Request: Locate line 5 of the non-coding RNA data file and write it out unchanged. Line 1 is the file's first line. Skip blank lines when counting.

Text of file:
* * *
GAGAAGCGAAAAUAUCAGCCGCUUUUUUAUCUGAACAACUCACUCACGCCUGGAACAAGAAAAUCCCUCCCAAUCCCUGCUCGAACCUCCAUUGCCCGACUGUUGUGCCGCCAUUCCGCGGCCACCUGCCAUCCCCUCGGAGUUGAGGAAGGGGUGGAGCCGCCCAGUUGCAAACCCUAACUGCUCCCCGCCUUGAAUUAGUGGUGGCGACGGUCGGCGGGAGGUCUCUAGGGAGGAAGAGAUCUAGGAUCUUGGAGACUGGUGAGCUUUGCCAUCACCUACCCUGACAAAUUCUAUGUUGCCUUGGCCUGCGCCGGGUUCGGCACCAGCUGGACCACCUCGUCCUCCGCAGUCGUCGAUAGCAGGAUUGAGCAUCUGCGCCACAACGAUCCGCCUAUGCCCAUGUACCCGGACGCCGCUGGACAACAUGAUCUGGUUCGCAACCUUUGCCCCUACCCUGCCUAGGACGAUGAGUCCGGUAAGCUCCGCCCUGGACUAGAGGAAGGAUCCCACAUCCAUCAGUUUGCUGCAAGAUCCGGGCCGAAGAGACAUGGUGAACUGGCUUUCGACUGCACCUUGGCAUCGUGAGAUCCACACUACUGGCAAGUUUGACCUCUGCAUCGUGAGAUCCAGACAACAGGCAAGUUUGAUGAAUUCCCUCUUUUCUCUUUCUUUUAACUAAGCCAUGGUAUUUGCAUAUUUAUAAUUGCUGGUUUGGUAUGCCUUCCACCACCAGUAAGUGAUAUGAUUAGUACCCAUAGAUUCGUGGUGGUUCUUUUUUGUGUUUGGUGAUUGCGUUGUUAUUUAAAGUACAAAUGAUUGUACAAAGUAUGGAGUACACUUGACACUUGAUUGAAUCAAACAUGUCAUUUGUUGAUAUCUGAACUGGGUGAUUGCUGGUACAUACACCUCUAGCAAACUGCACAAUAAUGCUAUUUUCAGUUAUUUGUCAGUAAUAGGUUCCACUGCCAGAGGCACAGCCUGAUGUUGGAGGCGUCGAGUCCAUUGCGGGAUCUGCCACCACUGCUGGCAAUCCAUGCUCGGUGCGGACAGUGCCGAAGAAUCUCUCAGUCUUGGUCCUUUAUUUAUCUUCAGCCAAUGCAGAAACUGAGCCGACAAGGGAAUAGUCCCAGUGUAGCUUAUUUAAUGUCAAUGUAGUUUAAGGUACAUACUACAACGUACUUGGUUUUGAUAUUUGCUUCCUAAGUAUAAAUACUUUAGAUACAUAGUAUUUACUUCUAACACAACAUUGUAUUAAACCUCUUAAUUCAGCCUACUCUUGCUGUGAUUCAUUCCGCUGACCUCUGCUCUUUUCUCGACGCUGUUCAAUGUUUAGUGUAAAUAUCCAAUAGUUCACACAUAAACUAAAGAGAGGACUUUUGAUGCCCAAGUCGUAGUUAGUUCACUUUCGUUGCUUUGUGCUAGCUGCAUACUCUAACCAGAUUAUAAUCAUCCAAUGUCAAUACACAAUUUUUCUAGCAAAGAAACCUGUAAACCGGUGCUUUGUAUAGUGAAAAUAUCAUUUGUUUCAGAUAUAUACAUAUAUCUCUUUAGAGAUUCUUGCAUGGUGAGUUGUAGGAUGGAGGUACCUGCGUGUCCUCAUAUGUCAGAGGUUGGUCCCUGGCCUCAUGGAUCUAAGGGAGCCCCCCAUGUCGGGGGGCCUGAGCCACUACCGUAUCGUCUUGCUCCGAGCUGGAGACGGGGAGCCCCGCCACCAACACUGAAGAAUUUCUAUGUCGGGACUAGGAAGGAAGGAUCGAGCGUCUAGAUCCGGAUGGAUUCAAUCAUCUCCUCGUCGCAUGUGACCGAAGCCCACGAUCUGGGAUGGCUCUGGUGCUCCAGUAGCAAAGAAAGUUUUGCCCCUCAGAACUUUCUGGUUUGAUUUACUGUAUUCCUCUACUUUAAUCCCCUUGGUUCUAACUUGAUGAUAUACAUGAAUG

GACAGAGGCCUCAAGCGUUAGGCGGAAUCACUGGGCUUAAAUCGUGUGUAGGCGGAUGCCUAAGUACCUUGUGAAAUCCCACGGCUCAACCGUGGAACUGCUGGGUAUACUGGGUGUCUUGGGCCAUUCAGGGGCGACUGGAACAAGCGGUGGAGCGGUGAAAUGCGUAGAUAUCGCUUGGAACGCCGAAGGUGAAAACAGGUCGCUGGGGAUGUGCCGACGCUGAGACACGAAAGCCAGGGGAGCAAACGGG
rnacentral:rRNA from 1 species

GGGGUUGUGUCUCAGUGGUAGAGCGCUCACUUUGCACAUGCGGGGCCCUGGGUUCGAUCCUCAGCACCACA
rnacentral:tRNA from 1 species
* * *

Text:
rnacentral:tRNA from 1 species